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How miners, fishers are taking life out of Lake Victoria

How miners, fishers are taking life out of Lake Victoria

Twenty meters under the ground, lit only by the torches strapped to their heads, a group of eight men are seeking their fortune.

The cramped tunnels have been hewn out of the bare rock using hammers, chisels, bare hands and many days of their own toil.

The goal: to strike it lucky by finding a rich seam of gold-containing minerals that will transform their lives.

The dramatic scene is part of a documentary series called Ziwa Victoria on NTV about the impact of the increasing population around Lake Victoria on the environment.

Using stunning drone footage and interviews from 15 locations in Kenya, Tanzania and Uganda, the film paints a bleak picture of the effects of pollution on the lake and the land around it.

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The Kenyan gold miners are in Olini, close to Migori and an hour’s drive from the Tanzanian border.

The work is dangerous.

Miners are frequently killed in pit collapses and by carbon monoxide fumes produced by the pumps they use to remove water from flooded mines.

They rarely achieve their dreams of a better life.

Most people involved in the artisanal mining operations barely make a living, but mining has continued to pull in more workers who have abandoned farming due to the land’s declining productivity.

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One report on the region’s “gold rush” by the Centre for Environment Justice and Development, a Nairobi-based non-profit organisation, found that virtually every homestead in the area had its own pit – although there are no official government estimates on the numbers of the scale of the informal industry.

The dangers to the men who go underground are obvious but the process of extracting the gold from the rock they bring to the surface involves a more pervasive killer.

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On the surface, other workers – mostly women and children – take the ground-up rock and mix it with water and toxic mercury.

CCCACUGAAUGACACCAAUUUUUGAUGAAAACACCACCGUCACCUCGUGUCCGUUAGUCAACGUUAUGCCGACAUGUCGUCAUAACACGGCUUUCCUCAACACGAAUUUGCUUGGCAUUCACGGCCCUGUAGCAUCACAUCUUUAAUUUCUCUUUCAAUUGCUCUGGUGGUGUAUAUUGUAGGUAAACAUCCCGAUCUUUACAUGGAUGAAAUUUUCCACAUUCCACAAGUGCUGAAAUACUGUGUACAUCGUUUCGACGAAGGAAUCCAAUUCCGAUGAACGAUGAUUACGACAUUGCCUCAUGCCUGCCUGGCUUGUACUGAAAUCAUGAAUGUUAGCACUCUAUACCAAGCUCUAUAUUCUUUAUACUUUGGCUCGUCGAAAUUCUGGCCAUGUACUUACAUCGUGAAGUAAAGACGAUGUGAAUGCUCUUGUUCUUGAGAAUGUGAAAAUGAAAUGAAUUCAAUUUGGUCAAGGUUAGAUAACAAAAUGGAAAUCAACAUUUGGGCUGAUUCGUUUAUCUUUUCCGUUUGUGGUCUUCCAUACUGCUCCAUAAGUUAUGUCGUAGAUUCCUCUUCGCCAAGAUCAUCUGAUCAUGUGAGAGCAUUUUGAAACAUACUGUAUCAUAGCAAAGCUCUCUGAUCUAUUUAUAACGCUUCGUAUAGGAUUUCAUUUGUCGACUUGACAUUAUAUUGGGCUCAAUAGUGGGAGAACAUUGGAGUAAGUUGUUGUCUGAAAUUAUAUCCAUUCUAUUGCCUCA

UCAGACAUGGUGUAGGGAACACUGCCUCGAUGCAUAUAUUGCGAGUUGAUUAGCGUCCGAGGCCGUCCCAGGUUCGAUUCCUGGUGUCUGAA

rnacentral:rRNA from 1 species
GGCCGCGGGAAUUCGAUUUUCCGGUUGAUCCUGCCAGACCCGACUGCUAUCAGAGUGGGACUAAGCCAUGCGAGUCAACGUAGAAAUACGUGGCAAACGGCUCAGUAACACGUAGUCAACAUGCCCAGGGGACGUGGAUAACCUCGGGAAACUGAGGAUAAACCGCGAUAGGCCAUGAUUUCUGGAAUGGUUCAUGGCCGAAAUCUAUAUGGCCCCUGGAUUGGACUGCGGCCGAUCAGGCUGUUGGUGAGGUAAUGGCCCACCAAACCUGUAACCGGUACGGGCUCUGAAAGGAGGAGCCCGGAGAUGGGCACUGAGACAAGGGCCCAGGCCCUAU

The silvery liquid metal forms an amalgam with the gold, meaning the precious commodity can be extracted from the rest of the minerals in the rock.

To separate the two, the workers heat small balls of the amalgam on charcoal fires to burn off the mercury.

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The women wear no protective clothing and sometimes use their teeth to squeeze the amalgam balls.

In the process, they unwittingly risk their health.

The toxic metal enters their bodies through their skin and lungs, leading, potentially, to a variety of impacts on the brain, heart, kidneys, respiratory and immune systems.

It can also be fatal.

“Most of the time, people just ignore the effects of these chemicals,” said Mr Joram Mwakatika, a gold miner across the border in Mgusu, Tanzania, where the same dangerous processes are used to extract the metal.

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Ultimately, the mercury is washed into Lake Victoria via local rivers and it is here that it can impact on many more people and animals.

“People bathe in the river. Animals drink that water. There are fish in there. I think everything is affected,” observed Mr Mwakatika.

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Mercury pollution is just one of many environmental impacts on the lake from the growing numbers of people around its shores.

One obvious impact is increased fishing.

According to Uganda’s National Fisheries Resources Research Institute, the number of fishermen has increased from 70,000 in the year 2000 to around 210,000 now.

“There is a lot of fishing effort, mostly young people, once they finish school and they have no source of livelihood,” said Mr Rodrick Gundu, a fisheries specialist for the Lake Victoria Environmental Management Program (Lvemp) Kenya, in Kisumu.

“You see that as the fish stocks go down.”

Mr Joseph Kibelu, in Kasekulo, Uganda, used to fish but moved to farming when it became harder to make a living.

“When I came to Kasekulo in 1991, there were very few people. The lake was nice because the fishermen respected the fishing seasons. There was a lot of fish that time,” he said, adding “These days people don’t let the lake rest.”

Farming, though, has brought other problems to the lake.

Chopping down forest for palm oil plantations has made the soil vulnerable to erosion, with valuable productive soil, stripped by heavy rains and washed in to the lake.

Fertilisers used by the farmers to improve crop yields also make it into the lake where they boost the growth of water hyacinth.

Mr Basil Murila, a community development officer with Lvemp, said farm productivity is going down.

“This is because of erosion. It is because of too much use of fertilisers.”

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Benj Binks, the filmmaker who produced the documentary as part of the Giving Nature a Voice series said that education was vital. “It is not like the local people are rich and trying to exploit the lake. They are just trying to make a living,” he said

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